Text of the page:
Lung cancer symptoms are most often associated with the lungs. Many people know a cough that lasts for more than three weeks could be a sign of lung cancer. But disease can also affect other parts of the body.
“I presumed I was having my shoulder x-rayed but the doctor had actually ordered a chest x-ray. I was about to walk out – my chest felt fine – but the nurse persuaded me to stay.
“Thank God she did; the results revealed a shadow on my left lung. I was diagnosed with stage 1A non-small cell lung cancer in my upper left lobe. I couldn’t have been more shocked.”
Fortunately, because of Pat’s age and health, she was able to have surgery to remove the affected lobe.
She continued: “I had a lobectomy just two weeks later. Luckily, it hadn’t affected my lymph nodes and I didn’t need any further treatment. I’m now cancer free.”
The main symptoms of lung cancer
The main symptoms of the disease are listed by the NHS as:
- A cough that doesn’t go away after 2 or 3 weeks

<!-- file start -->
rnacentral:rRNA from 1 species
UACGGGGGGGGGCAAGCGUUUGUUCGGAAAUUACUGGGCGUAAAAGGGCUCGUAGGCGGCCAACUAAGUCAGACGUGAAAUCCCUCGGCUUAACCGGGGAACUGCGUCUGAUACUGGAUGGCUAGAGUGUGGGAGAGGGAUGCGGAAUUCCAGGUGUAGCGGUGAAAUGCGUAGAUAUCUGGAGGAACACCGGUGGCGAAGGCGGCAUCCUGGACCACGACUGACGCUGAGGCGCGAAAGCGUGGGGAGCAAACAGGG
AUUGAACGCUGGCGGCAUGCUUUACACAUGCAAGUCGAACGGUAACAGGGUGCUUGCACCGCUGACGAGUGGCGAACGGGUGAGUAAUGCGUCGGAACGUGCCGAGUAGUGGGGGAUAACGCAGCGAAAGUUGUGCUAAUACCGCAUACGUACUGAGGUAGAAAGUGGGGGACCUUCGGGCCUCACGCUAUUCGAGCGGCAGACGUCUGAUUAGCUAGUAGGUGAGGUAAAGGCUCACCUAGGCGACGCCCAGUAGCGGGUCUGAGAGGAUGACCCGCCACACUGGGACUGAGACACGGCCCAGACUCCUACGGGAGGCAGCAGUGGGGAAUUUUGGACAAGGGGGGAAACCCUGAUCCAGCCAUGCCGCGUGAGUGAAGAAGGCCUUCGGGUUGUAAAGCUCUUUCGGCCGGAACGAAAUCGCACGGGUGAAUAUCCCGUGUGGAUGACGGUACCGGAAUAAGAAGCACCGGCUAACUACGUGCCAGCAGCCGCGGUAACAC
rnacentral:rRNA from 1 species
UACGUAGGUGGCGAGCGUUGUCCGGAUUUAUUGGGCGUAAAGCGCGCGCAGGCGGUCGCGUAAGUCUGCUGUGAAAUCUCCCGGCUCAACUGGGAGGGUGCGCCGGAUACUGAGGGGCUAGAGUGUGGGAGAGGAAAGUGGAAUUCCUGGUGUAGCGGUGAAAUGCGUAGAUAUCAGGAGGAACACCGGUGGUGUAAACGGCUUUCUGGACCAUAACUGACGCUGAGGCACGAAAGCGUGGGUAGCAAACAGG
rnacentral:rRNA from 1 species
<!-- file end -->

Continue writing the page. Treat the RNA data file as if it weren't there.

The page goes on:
- A long-standing cough that gets worse
- Chest infections that keep coming back
- Coughing up blood
- An ache or pain when breathing or coughing
- Persistent breathlessness
- Persistent tiredness or lack of energy
- Loss of appetite or unexplained weight loss
Due to coronavirus, the UK government is currently advising people to visit their GP surgery’s website or to use an online service to contact their GP.
You can also call your GP surgery.
Your GP surgery will then give you advice about what to do.
The NHS advises: “A phone or video call with a GP, nurse or other healthcare professional may be booked for you.
“You’ll only be asked to visit the surgery if absolutely necessary.
“Your GP surgery may be very busy at the moment and you may have to wait longer than usual to speak to someone if it’s not urgent.”